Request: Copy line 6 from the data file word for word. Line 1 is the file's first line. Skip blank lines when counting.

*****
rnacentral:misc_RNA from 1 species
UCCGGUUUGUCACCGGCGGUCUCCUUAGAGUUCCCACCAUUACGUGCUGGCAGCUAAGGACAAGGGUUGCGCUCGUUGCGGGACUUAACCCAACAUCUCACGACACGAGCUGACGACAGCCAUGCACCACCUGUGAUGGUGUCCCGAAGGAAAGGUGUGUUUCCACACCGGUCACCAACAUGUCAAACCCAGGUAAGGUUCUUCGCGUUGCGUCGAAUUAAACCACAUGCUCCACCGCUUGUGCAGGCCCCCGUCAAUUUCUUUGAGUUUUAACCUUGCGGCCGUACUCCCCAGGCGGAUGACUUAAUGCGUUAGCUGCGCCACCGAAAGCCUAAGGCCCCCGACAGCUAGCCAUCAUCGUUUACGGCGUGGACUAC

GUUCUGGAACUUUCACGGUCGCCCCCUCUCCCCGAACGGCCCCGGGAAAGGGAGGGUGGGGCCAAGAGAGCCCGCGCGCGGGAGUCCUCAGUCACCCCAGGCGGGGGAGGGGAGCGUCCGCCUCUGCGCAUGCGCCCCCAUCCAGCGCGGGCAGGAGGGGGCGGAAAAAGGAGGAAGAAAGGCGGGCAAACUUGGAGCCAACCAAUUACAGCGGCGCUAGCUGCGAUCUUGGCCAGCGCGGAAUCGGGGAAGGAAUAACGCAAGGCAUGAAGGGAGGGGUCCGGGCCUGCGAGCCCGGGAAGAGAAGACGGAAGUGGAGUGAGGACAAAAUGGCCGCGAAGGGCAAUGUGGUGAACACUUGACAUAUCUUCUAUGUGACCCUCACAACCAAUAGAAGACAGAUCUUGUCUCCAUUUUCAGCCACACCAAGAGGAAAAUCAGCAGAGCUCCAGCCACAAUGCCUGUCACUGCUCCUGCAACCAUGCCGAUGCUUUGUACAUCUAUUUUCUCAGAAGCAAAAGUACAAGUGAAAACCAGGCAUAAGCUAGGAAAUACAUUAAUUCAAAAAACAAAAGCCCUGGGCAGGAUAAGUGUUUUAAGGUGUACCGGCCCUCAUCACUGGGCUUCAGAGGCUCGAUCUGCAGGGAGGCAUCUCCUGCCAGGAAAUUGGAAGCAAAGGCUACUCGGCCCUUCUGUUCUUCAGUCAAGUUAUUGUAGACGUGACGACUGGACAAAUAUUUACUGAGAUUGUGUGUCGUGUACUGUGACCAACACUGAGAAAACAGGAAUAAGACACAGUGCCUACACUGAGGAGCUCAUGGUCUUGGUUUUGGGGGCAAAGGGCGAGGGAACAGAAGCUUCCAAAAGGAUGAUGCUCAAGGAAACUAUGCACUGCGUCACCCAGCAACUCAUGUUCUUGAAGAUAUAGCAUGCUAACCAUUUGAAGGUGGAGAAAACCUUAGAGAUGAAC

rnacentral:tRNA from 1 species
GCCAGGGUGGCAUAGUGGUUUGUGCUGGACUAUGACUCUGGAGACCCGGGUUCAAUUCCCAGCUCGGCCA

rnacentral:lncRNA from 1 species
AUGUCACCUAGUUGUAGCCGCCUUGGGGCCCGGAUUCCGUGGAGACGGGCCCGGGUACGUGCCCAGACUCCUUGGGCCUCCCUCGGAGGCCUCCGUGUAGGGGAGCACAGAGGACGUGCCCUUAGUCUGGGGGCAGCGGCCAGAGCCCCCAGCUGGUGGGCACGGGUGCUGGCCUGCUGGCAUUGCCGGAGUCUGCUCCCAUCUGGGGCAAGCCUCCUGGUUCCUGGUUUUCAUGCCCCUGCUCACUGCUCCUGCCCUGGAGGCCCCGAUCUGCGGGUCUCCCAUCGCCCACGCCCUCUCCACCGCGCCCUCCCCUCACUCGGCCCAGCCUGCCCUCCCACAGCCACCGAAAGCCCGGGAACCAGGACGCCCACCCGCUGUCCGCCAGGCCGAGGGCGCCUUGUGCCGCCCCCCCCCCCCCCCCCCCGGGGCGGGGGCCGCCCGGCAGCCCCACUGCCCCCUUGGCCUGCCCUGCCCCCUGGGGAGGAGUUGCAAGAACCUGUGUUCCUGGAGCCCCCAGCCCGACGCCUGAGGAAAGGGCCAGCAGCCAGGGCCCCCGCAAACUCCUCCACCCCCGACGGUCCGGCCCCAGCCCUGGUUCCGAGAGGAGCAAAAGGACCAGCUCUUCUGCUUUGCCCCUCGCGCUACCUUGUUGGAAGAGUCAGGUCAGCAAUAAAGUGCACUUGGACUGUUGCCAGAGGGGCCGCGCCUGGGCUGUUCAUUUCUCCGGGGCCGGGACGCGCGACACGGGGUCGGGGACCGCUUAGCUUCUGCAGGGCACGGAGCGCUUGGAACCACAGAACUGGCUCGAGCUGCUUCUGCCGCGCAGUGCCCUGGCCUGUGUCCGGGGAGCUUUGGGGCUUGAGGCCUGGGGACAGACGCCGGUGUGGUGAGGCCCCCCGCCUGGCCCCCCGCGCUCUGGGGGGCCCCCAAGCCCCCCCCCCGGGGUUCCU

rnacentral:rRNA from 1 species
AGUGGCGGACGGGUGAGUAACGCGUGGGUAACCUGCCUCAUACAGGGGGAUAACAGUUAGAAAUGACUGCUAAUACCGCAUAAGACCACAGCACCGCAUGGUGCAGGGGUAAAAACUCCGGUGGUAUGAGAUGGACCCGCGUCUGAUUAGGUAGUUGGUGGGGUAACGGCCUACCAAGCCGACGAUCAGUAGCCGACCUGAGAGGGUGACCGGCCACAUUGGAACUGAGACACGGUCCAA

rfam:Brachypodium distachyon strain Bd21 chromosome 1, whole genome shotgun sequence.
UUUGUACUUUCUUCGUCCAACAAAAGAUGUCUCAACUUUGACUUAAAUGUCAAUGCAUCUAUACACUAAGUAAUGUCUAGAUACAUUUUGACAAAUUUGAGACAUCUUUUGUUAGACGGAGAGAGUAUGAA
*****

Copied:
rnacentral:lncRNA from 1 species